Unfortunately, with similar results...every twenty minutes, almost with clock-work precision, the power would cut out and the inverter would need cooling. Oachs would stick the inflamed inverter out the window until its temperature reduced to a manageable level...and then the process would repeat.
The good aspect of this was that they were still cooking their meal. The bad part was that it only cooked about 40 minutes of every hour...and then took a break for 20 minutes while the power source cooled.
(9 hours later)
The group rolled into Death Valley National Park with a meal they assumed was about 75% cooked...and smelling delicious. While it would've been probably decent enough to eat, they felt like another 2 hours on high would seal the deal perfectly.
But, where to cook it?
Death Valley doesn't have a lot of places with the power needed to cook things. The group decided their best (and really only) option was the Furnace Creek gift and grocery store.
Upon feeding the store clerk a tale of woe about broken inverters and potential loss of dinner, he reluctantly let the group of hapless photographers plug in their dinner, with the promise that they would return to fetch it "shortly."
(2 hours later)
After a sunset shoot, and a cold beer in the Furnace Creek Saloon, our group walks into the Furnace Creek store to retrieve their dinner.
IMMEDIATELY upon entering the store, they were slapped in the face with the appealing and familiar odor of pork...slowly cooked to tender perfection. The store clerk looked at them cross-eyed and ravaged by hunger from smelling the dinner for the past two hours. Brian grabbed the crockpot, the group thanked him for allowing them to torture him (and all the store patrons), and within minutes, the group was in their campsite devouring the meal they had spent the past 11 hours tending and anticipating.
It was THAT good!
However, our story doesn't end there....
When each man had his fill of the pork there was a cauldron full of pork juices and remnants remaining. Due to the late hour, rather than clean up the dirty crockpot, the group opted to store it in the Jeep until morning, when they would have time (and light) to properly clean the cooking device.
Night passed, and in the morning...what greeted them was the ghost of garlic kahlua pork past. While the smell of cooking pork was delightful the day prior, it was not the case the second day. The smell was almost nauseating...and very unpleasant.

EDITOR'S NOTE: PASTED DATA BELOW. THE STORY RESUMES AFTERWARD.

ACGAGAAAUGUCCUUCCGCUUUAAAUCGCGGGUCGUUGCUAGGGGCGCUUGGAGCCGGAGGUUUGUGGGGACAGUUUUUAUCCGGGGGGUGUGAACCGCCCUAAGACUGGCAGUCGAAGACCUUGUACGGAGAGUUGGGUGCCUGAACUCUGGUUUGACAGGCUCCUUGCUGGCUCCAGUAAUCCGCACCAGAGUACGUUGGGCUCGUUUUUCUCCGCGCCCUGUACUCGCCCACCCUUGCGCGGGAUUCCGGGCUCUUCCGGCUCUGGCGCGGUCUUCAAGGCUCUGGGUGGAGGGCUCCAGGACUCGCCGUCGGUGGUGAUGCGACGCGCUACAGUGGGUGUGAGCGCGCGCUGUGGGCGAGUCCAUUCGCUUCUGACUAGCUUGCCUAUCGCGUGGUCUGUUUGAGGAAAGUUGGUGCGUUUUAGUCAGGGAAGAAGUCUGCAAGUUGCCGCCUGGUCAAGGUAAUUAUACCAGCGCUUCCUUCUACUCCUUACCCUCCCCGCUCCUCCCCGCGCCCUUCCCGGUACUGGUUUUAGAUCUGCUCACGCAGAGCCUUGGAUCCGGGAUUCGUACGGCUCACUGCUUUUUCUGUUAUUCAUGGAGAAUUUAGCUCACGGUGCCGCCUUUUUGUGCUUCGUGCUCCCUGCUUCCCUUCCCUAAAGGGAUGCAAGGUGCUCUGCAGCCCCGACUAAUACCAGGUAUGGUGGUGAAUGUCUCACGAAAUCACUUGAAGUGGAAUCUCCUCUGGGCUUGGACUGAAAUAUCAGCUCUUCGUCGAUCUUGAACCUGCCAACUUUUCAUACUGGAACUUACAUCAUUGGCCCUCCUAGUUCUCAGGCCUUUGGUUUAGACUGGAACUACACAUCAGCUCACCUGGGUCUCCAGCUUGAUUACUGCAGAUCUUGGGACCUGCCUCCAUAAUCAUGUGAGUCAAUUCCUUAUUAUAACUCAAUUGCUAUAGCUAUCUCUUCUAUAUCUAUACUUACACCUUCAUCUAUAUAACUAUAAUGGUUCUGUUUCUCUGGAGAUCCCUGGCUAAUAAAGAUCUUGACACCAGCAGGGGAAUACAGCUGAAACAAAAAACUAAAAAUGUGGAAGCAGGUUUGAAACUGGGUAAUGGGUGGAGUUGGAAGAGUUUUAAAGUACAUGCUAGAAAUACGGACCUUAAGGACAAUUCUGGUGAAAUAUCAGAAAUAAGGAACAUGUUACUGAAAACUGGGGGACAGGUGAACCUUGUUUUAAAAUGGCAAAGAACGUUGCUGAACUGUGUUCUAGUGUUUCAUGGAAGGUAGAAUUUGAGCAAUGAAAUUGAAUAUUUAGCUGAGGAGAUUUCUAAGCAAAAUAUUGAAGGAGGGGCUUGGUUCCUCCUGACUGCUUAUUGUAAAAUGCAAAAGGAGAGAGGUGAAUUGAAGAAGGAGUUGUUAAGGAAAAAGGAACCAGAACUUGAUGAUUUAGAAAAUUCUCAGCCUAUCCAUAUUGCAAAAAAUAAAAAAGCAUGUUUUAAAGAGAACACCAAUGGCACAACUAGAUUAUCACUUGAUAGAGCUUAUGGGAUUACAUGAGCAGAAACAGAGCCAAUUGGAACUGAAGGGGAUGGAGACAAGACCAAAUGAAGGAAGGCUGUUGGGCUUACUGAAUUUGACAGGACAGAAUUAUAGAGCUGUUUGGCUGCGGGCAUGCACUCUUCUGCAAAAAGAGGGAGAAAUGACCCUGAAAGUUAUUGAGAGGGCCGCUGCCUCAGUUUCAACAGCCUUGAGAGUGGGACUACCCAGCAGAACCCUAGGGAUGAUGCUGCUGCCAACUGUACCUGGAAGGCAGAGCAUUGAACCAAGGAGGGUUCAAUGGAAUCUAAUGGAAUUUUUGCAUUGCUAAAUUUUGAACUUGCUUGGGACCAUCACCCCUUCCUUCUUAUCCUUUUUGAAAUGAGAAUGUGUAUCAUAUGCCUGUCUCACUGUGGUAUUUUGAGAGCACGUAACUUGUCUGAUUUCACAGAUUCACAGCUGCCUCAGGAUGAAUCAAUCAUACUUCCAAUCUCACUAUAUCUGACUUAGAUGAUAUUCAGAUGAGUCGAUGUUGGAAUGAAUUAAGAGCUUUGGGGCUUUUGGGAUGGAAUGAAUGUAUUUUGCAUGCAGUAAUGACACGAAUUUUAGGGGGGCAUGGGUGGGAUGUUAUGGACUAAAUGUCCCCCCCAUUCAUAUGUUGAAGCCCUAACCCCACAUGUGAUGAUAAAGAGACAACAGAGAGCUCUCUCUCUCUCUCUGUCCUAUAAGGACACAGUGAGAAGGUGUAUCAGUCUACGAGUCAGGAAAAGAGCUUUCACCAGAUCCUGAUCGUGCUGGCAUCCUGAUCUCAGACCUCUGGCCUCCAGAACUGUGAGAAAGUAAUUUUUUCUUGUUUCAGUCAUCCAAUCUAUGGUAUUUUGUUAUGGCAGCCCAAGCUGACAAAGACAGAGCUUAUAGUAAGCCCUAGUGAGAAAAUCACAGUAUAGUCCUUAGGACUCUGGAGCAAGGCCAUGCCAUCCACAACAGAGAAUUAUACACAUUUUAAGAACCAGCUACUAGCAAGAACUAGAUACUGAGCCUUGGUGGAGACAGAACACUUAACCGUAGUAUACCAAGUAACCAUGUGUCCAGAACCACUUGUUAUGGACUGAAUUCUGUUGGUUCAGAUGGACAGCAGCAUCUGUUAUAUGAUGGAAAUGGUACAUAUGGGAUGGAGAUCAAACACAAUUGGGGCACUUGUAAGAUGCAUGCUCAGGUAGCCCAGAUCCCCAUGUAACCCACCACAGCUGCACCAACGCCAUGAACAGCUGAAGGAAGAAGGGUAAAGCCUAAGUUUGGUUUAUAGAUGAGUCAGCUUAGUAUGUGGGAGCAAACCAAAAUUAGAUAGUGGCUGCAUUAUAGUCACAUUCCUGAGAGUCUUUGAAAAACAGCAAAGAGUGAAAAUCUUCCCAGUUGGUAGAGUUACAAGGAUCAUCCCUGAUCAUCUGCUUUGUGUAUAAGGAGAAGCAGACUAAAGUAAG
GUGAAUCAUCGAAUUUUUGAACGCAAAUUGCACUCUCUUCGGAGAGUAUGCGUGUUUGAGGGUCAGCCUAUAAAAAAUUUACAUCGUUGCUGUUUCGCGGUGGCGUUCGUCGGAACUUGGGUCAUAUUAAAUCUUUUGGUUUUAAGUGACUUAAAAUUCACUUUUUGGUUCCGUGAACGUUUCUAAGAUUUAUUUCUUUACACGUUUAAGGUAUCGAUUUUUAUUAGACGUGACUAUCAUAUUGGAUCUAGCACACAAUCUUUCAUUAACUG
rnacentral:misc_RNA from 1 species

The group needed to leave in the pre-dawn hours in order to start photographing the sunrise, which meant there still wasn't sufficient light with which to clean the pot. So, they carried it with them to their morning shoot, like a smelly child.
The light that morning was incredible. So much so that they never got around to cleaning the crockpot. Why stop and clean when there are photos to be made?
That night Stephen came up with a genius "hands free" method of crockpot cleaning.
Death Valley is home to hundreds, if not thousands, of coyotes that prowl the barren landscape in search of a meal...any meal. So, Stephen walked out to a remote section of desert and left the dirty crockpot sitting on the ground in hopes the ravenous canines would stumble upon it...and do the cleaning for them.
That night around 1am they heard the first coyote find the treasure.
Moments later, the others descended on the scene.
It was a cacophony of coyote excitement that lasted a brief but exciting 45 seconds, then stopped as suddenly as it began...returning the desert to its eerie quiet.
In the morning, as Oachs and Rueb laughingly recalled the coyotes vs crockpot battle, they discovered Buttermilk had slept through the entire ordeal. (The power of sleep is strong with that one.)
Still laughing, they wandered out to the area where the crockpot had been left...and found it as hoped.
From then on, the crockpot took on legend status among the photographers, and they vowed to spread the joy whenever and wherever they could...including to all the Aperture Academy 2-3 day workshops....
If you're part of one of these workshops, you're carrying on a tradition...so eat up!
Mouthwatering meals enjoyed with our fellow workshoppers...
TOG'S CROCKPOT KAHLUA GARLIC PORK
Cook about 9 hours or until the roast is tender and falling apart.
Eat to your fill, then make clean up easy... sit the empty, cooled pot in the desert for the coyotes to take care of. (Don't forget to retrieve it in the morning!)
CROCKPOT PORK TACOS
Cook above ingredients in a crockpot until the roast is sublimely cooked and falling apart into shreds.
Serve with warm tortillas, shredded or grated cabbage, Monterey Jack cheese, a lime wedge and cilantro...and don't forget the mango salsa!
And the legend continues...
Photographic evidence of this eternal love affair with the ApCad crockpot